“The textile industry needs six months lead time. If the whole [act] expires this time around — the textile and non-textile portions — I can’t say the number of jobs that would be lost,” Bass said. “We’re looking to get it extended this year before the lame-duck session is over or at the beginning of next year. Support for it is bipartisan and looking pretty good.”

Under Zuma’s leadership, the 54 African Union countries have pledged to rededicate themselves to Africa’s development and transformation in areas such as science and technology and pushing for Africa’s place in the world.

Elected in 2012 and the first woman to lead the group, Zuma will seek to implement Agenda 2063, the 50-year plan for the continent’s socioeconomic development and regional integration through industrial, political and institutional mechanisms.

The African heads of states adopted the agenda in May 2013 during their celebration of the 50th anniversary of the Organization of African States (OAS), the African Union’s predecessor organization.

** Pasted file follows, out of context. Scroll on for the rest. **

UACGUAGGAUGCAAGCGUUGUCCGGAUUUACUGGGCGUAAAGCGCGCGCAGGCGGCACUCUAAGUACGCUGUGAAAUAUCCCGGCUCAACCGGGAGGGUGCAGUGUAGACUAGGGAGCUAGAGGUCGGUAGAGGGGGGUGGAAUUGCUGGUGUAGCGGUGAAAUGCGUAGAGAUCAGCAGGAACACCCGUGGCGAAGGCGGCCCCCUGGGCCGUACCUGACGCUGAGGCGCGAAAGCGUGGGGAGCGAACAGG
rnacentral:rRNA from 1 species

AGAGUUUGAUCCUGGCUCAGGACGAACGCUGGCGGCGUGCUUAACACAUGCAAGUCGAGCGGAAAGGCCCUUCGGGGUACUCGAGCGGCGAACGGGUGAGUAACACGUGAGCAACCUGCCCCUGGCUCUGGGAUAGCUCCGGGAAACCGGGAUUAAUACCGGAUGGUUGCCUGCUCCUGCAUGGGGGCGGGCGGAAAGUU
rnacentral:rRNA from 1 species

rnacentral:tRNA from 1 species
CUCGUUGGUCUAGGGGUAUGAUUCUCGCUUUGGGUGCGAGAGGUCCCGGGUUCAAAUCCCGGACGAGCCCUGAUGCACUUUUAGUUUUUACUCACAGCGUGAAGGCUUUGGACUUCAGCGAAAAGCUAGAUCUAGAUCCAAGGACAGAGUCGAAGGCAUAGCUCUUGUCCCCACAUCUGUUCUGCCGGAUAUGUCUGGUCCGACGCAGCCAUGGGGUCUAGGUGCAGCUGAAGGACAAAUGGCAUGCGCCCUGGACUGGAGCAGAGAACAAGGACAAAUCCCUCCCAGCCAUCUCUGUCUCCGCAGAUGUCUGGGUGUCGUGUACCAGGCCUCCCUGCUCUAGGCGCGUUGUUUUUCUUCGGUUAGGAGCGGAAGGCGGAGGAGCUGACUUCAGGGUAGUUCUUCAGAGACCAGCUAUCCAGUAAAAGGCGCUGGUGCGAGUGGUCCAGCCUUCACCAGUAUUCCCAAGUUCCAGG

Zuma told the town hall gathering that Africa is a net importer of food.

“It needs a skills revolution and to modernize. The future is in the agric-processing industry,” Zuma said.  “Women of the continent are tired of farming with a hoe, it must go to a museum,” she added.

According to Jean-Baptiste Natama, chief of staff for the African Union Commission, Africa’s agriculture sector has generated growth and been responsible for job creation, foreign exchange, and food security and poverty eradication.

The sector employs 70 percent of the labor force, provides 50 percent of exports, and 30 percent of gross domestic product. 

Africa grew at about 6 percent during the past decade, making it one of the fastest growing regions of the world after East Asia.

The African continent will achieve Agenda 2063 through agri-processing as well as through investments in and development of “minerals and natural resources, clean energy, and water and transportation infrastructure, and science, technology, engineering and math curricula,” Zuma said.